Washington County Library Partners officially closed down at the end of 2020 after we handed over our last contribution to the Washington County Library. We would like to thank all the people who generously supported the library and made it possible to buy approximately $25,000 in books and digital assets. Today, libraries are more important than ever and we urge you to support your library however you can.
At first glance, asking folks to help the Library buy tablets for the children’s sections sounds … well, a little like asking people to kick in extra for a Lexus when a Buick seems perfectly adequate.
But the information demands on libraries are fast changing. While we know kids will always want to curl up in the corner of the children’s section with a stack of books, the same kids need (and want) more. Homework help. Tools to help them read better. A program that will help them understand math in an engaging, fun way. The library has lots of resources for our children, but many of them are on the desktop computer.
Ever noticed how busy those computers often are at your library — and that it’s mostly adults and teenagers on them? That’s why Washington County Library has asked for our help. The easiest way to get library resources into a child’s hands (literally) is on a tablet.
The more kids who use our libraries grow up to be adults who use our libraries. There’s a lot of information out there — we’d like our kids to find that information through our libraries — and we’re hoping you can help make that just a bit easier.
We are 10% of our way towards our goal of buying 50 tablets for the Library. We’d like to wrap up our campaign by this fall — and so that means asking what you can give to help get tablets in the hands of more children at our libraries. You might think, “well tablets are a nice toy, but …” The tablets aren’t a toy — they are a powerful tool to open the world of our libraries to our children. If we want our kids to be life-long library patrons, then we need to show them all the wonders and advantages that the library has to offer — and that’s what these tablets will do. Kids are using tablets in schools — they are comfortable using them — and they will allow kids to not only find books on the shelves, they will also be loaded with educational and informational software.
In the not-too-distant future, we believe all libraries will be using tablets more and more. We’d like to give the children in Washington County a bit of a head start. Can you help?
You might have gotten the “Staying in Touch” newsletter from the county government this past week. The big story in the newsletter was the result of a survey of Washington County residents which gave a high rating to quality of life here.
I agree — we do have a high quality of life in Washington County. Good schools. Good parks. Good roads. Good libraries.
One of the pie charts caught my eye: it showed that 61% of county residents surveyed thought the quality of county services was “good.” 18% thought they were “excellent” while virtually the same number (20%) thought “fair.” It reminded me a bit of the Garrison Keillor line about “above average children.”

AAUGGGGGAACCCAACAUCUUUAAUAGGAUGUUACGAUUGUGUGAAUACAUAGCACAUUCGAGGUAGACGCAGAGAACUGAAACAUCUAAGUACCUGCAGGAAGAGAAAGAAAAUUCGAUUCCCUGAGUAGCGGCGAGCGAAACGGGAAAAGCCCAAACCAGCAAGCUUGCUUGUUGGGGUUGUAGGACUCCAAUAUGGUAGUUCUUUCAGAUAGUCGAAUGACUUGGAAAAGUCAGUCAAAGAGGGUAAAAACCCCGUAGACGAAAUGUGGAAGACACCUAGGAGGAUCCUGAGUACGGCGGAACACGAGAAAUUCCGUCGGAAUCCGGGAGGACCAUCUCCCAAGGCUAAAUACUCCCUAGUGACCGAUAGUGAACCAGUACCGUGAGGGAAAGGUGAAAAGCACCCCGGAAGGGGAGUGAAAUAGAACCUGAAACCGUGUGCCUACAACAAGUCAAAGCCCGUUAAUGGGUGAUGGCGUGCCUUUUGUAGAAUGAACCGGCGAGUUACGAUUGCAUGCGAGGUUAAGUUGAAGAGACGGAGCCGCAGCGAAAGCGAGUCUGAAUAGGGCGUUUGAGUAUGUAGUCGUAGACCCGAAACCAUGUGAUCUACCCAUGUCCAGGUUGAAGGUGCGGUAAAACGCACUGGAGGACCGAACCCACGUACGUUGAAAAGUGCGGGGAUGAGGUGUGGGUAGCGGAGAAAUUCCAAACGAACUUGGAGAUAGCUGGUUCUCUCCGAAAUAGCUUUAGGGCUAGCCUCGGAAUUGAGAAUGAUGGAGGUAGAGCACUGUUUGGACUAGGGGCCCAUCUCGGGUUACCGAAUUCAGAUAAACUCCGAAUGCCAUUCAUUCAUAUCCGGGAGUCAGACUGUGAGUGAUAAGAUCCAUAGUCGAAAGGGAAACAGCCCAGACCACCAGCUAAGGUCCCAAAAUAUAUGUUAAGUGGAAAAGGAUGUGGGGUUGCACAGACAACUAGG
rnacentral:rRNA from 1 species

My reaction was, “good” is fine, but why not excellent?
We believe we have a good (even very good) library system. But we think it could be excellent.
That’s why Partners was created: to provide a way for residents to make a good library system even better. Tax money alone just doesn’t do it. Every GREAT library system has a private, fundraising group helping it along.
In our first year, we raised money so the Library could buy an extra 2,000 books (mostly children’s books and some large print books for adults). Our new campaign is raising money to get tablets into children’s sections of our libraries. Librarians believe kids will use library services even more — check out books, do research, access programs like “Homework Help” — if there are tablets available.
Making our libraries more attractive and useful for our kids seems like a great investment. So, we’re hoping to raise $15,000, which would buy 50 tablets for the six branches.
And we are looking not only for money — but for people who are willing to spend a few hours a month to help make our good library system great. So, send a check — or send us your thoughts!
40% of all the materials checked out of the Library are children’s materials. Think about that — 4 out of 10 materials checked out are for our children. While the Library benefits everyone in the community — it is our kids who seem to need it (and want it) the most.
That’s part of the reason behind the Partners’ campaign for 2013 — to raise enough money to purchase tablets for every children’s section. The hope is to buy 50 tablets total — and that is going to cost $15,000.
Why tablets? Because that’s what our children use now and will use in the future. It’s another way for the Library to reach out to children and keep them coming back for books (printed books and e-books), videos, homework help and all the services libraries provide. Also, for those children on the wrong side of the digital divide, access to the tablets will help keep them connected. And, from a practical point of view, it frees up the desktop computers teens and adults use. (Ever notice how busy they often are?)
Librarians believe the tablets is another way to help keep the kids coming back — all the way until adulthood.